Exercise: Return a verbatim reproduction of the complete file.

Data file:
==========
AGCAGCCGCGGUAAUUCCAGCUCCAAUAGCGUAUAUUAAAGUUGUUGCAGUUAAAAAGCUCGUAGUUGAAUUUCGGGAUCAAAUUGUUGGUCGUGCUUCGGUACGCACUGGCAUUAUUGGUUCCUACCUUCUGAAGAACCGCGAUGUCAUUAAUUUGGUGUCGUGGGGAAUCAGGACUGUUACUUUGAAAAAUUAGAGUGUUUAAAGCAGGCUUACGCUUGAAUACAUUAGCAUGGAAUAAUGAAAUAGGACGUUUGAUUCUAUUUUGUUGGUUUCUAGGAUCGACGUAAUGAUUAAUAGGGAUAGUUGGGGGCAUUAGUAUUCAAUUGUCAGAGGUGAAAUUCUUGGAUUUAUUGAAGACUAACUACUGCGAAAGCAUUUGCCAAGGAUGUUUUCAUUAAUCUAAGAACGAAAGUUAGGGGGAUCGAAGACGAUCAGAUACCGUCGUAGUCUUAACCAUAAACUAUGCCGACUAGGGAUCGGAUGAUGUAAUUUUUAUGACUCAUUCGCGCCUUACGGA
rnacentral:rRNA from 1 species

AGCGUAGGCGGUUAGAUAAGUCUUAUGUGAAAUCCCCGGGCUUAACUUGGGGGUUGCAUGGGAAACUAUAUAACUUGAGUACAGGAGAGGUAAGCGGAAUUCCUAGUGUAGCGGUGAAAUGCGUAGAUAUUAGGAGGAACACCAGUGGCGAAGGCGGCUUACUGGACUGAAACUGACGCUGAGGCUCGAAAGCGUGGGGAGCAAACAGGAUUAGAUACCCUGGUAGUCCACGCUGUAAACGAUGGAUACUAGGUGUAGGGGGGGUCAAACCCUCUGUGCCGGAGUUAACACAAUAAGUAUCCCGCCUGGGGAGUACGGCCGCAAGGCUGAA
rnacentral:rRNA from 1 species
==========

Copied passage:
AGCAGCCGCGGUAAUUCCAGCUCCAAUAGCGUAUAUUAAAGUUGUUGCAGUUAAAAAGCUCGUAGUUGAAUUUCGGGAUCAAAUUGUUGGUCGUGCUUCGGUACGCACUGGCAUUAUUGGUUCCUACCUUCUGAAGAACCGCGAUGUCAUUAAUUUGGUGUCGUGGGGAAUCAGGACUGUUACUUUGAAAAAUUAGAGUGUUUAAAGCAGGCUUACGCUUGAAUACAUUAGCAUGGAAUAAUGAAAUAGGACGUUUGAUUCUAUUUUGUUGGUUUCUAGGAUCGACGUAAUGAUUAAUAGGGAUAGUUGGGGGCAUUAGUAUUCAAUUGUCAGAGGUGAAAUUCUUGGAUUUAUUGAAGACUAACUACUGCGAAAGCAUUUGCCAAGGAUGUUUUCAUUAAUCUAAGAACGAAAGUUAGGGGGAUCGAAGACGAUCAGAUACCGUCGUAGUCUUAACCAUAAACUAUGCCGACUAGGGAUCGGAUGAUGUAAUUUUUAUGACUCAUUCGCGCCUUACGGA
rnacentral:rRNA from 1 species

AGCGUAGGCGGUUAGAUAAGUCUUAUGUGAAAUCCCCGGGCUUAACUUGGGGGUUGCAUGGGAAACUAUAUAACUUGAGUACAGGAGAGGUAAGCGGAAUUCCUAGUGUAGCGGUGAAAUGCGUAGAUAUUAGGAGGAACACCAGUGGCGAAGGCGGCUUACUGGACUGAAACUGACGCUGAGGCUCGAAAGCGUGGGGAGCAAACAGGAUUAGAUACCCUGGUAGUCCACGCUGUAAACGAUGGAUACUAGGUGUAGGGGGGGUCAAACCCUCUGUGCCGGAGUUAACACAAUAAGUAUCCCGCCUGGGGAGUACGGCCGCAAGGCUGAA
rnacentral:rRNA from 1 species